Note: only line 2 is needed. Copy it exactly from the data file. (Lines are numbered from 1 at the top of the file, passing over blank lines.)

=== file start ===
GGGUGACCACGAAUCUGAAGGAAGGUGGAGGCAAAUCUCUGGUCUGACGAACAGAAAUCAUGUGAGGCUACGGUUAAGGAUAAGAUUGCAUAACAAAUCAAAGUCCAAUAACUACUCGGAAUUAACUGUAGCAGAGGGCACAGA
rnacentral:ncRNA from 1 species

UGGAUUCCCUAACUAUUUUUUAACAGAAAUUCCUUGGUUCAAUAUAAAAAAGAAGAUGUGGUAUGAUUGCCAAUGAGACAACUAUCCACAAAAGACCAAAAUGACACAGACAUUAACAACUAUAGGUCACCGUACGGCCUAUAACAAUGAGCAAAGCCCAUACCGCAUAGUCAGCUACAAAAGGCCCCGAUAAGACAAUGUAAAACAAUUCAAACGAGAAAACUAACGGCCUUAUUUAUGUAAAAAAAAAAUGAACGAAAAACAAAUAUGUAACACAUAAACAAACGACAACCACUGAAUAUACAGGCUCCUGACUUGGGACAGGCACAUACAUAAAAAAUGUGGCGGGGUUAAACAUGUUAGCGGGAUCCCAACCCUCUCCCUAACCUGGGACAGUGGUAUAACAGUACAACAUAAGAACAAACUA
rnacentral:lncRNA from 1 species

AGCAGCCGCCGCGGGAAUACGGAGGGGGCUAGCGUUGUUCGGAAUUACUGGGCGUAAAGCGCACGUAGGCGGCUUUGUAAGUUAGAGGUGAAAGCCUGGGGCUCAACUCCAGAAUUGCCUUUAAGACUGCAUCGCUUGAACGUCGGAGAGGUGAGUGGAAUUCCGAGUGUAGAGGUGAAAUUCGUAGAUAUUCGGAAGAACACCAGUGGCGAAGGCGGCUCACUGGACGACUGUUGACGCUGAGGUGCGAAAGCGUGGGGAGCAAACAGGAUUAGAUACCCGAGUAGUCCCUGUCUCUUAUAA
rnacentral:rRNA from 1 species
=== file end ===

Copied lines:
rnacentral:ncRNA from 1 species